So my asexual evangelism may not look like what you think of when you hear the word. But what does “evangelism” really mean? The word comes from the Greek, meaning “good news”, and that’s what asexuality has always been for me. If you’ve read “My Journey to Ace Identification”, you know it took me a long time to feel comfortable identifying as an ace-spectrum person. And yet, even when I didn’t, I was relieved and comforted to know that asexuality existed, that the image I’d grown up with of sex-obsessed adults devoting their lives to having as much sex as possible was not universal. And I wanted to share that knowledge. Not just with other aces, but with all the people who have been affected and hurt by erotonormativity.

So, to all the asexuals, all those who have never felt sexual attraction and have been made to feel broken because of it…

To all the demisexuals and grey-aexuals who haven’t experienced sexual attraction as much or in the ways that other people told them they should…

To all those who experience romantic or other attraction without a sexual component…

To all those who have tried to express platonic affection and were misunderstood because people assumed their feelings must be sexual…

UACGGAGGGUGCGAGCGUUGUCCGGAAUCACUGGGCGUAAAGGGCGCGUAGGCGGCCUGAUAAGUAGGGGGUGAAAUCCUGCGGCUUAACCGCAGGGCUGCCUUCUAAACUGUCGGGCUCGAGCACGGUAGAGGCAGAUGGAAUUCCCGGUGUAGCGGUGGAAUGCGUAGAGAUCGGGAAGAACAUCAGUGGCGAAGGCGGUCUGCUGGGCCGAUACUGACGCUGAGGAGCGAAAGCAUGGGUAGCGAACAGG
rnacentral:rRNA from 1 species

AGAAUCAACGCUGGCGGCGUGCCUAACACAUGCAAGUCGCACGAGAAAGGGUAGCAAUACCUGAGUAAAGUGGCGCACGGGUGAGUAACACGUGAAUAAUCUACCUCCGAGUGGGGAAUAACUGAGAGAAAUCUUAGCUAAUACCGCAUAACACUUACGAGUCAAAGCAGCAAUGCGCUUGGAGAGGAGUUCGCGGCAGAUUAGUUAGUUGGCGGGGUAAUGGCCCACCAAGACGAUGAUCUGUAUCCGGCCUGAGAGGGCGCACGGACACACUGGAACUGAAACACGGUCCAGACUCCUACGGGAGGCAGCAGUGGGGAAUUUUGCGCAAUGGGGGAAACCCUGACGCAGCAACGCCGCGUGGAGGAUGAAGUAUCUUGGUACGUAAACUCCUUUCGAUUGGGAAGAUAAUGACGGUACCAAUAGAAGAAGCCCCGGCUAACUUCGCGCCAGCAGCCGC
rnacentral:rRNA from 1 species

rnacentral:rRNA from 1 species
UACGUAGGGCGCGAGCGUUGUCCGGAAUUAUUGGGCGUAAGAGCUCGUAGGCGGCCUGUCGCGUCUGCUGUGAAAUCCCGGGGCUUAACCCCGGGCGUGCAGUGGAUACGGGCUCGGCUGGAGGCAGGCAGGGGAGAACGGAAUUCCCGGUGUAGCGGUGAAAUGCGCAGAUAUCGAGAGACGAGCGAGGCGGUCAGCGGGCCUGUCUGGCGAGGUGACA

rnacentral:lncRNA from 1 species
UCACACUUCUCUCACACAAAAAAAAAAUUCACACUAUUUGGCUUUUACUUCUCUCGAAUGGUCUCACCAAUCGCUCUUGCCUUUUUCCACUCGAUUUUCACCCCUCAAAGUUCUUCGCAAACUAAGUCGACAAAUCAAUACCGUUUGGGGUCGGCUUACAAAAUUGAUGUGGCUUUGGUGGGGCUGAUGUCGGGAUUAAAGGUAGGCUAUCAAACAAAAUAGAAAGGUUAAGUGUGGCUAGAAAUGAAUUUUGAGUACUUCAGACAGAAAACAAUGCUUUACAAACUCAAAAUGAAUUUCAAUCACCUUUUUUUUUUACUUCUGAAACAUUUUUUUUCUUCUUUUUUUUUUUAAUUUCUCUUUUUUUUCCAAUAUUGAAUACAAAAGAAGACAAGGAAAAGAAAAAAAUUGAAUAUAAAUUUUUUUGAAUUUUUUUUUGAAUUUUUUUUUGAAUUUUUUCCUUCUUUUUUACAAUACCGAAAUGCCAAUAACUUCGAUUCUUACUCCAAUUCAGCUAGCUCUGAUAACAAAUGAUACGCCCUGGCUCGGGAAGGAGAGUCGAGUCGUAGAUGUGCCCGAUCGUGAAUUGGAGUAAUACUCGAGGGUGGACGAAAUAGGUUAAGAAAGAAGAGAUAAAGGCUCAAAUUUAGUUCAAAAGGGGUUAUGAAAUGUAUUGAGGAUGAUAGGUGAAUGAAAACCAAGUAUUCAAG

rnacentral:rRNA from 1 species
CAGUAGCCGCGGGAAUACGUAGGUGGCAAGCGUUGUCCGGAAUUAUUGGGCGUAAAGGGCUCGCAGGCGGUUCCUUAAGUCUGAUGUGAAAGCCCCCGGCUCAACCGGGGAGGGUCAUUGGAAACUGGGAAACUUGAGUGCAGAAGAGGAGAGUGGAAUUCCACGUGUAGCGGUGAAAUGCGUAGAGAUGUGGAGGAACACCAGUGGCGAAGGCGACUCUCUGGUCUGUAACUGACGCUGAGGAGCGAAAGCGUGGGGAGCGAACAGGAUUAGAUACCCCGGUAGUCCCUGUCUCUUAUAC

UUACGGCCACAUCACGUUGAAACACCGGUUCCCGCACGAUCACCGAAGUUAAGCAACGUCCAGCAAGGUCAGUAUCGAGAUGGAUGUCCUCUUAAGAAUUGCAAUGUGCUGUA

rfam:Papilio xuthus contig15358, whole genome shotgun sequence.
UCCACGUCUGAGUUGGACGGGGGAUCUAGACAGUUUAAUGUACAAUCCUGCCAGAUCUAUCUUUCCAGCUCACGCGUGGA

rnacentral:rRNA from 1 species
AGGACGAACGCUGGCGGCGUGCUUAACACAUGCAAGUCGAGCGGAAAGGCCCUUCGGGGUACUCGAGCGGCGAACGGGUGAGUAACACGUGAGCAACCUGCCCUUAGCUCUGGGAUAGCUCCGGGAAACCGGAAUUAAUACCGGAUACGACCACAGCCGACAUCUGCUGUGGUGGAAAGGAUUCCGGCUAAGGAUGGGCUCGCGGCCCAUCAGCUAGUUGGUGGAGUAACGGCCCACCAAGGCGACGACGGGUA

To all those who have loved passionately, only to be told that their love wasn’t “real” because it wasn’t sexual…

To all those who have sexual urges they know they’ll never be able to act on…

To all the pretty girls who have been made to feel that their only value lay in their sexual desirability…

To all the ugly girls who have been made to feel undesirable and therefore worthless…

To all the boys who were told they needed to “get” a woman in order to be a “real” man…

To all those who are celibate by choice, and are derided for making that choice…

To all those who used to want sex and now find that they don’t…

To all those who have ever felt that society places way too much importance on sex and sexual relationships…

Good news!

Good news: It is possible to be happy and celibate!

Good news: It is possible to find fulfillment in non-sexual relationships!

Good news: Not experiencing sexual attraction does not make you broken!

Good news: Not being sexually desirable does not make you worthless!

Good news: Platonic love is just as real as any other kind!

Good news: You don’t have to have sex in order to be loved, respected, or valued!

Or, to borrow a phrasing from Mark Carrigan…

Good news! There’s more to life than sex!

5 thoughts on “On Being an Evangelist

    • Blue Ice-Tea says:

      Thanks! To be fair, this was in a university class devoted to human sexuality, i.e. a class for adults who were specifically interested in learning more about sexuality. There’s still a need for more education about asexuality at the public school level – something I know other ace activists are working on.